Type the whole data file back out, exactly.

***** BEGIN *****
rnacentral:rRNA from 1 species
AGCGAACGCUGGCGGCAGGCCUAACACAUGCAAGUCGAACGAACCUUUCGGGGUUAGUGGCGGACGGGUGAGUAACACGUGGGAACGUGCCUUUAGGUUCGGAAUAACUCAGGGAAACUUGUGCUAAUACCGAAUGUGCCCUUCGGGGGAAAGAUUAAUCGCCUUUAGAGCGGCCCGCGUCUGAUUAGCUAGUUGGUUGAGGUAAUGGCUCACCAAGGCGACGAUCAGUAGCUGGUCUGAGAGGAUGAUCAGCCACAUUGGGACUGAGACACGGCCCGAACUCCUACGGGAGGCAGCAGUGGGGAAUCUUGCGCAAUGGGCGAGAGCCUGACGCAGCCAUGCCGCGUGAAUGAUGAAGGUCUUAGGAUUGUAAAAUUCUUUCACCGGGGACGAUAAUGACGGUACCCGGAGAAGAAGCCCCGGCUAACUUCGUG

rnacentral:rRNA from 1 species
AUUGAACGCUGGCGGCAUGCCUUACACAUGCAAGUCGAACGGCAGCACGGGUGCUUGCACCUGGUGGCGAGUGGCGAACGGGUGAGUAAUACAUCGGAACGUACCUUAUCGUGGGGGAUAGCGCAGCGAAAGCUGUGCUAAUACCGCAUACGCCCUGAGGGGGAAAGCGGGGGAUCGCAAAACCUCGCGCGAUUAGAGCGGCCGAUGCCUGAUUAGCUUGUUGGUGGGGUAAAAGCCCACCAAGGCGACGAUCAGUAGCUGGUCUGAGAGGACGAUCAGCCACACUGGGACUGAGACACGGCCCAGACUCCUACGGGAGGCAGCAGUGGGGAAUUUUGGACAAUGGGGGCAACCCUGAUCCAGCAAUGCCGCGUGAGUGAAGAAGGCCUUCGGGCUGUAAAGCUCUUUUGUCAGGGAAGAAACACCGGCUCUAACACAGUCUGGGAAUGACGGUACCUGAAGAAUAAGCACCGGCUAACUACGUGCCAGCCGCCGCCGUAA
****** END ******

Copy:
rnacentral:rRNA from 1 species
AGCGAACGCUGGCGGCAGGCCUAACACAUGCAAGUCGAACGAACCUUUCGGGGUUAGUGGCGGACGGGUGAGUAACACGUGGGAACGUGCCUUUAGGUUCGGAAUAACUCAGGGAAACUUGUGCUAAUACCGAAUGUGCCCUUCGGGGGAAAGAUUAAUCGCCUUUAGAGCGGCCCGCGUCUGAUUAGCUAGUUGGUUGAGGUAAUGGCUCACCAAGGCGACGAUCAGUAGCUGGUCUGAGAGGAUGAUCAGCCACAUUGGGACUGAGACACGGCCCGAACUCCUACGGGAGGCAGCAGUGGGGAAUCUUGCGCAAUGGGCGAGAGCCUGACGCAGCCAUGCCGCGUGAAUGAUGAAGGUCUUAGGAUUGUAAAAUUCUUUCACCGGGGACGAUAAUGACGGUACCCGGAGAAGAAGCCCCGGCUAACUUCGUG

rnacentral:rRNA from 1 species
AUUGAACGCUGGCGGCAUGCCUUACACAUGCAAGUCGAACGGCAGCACGGGUGCUUGCACCUGGUGGCGAGUGGCGAACGGGUGAGUAAUACAUCGGAACGUACCUUAUCGUGGGGGAUAGCGCAGCGAAAGCUGUGCUAAUACCGCAUACGCCCUGAGGGGGAAAGCGGGGGAUCGCAAAACCUCGCGCGAUUAGAGCGGCCGAUGCCUGAUUAGCUUGUUGGUGGGGUAAAAGCCCACCAAGGCGACGAUCAGUAGCUGGUCUGAGAGGACGAUCAGCCACACUGGGACUGAGACACGGCCCAGACUCCUACGGGAGGCAGCAGUGGGGAAUUUUGGACAAUGGGGGCAACCCUGAUCCAGCAAUGCCGCGUGAGUGAAGAAGGCCUUCGGGCUGUAAAGCUCUUUUGUCAGGGAAGAAACACCGGCUCUAACACAGUCUGGGAAUGACGGUACCUGAAGAAUAAGCACCGGCUAACUACGUGCCAGCCGCCGCCGUAA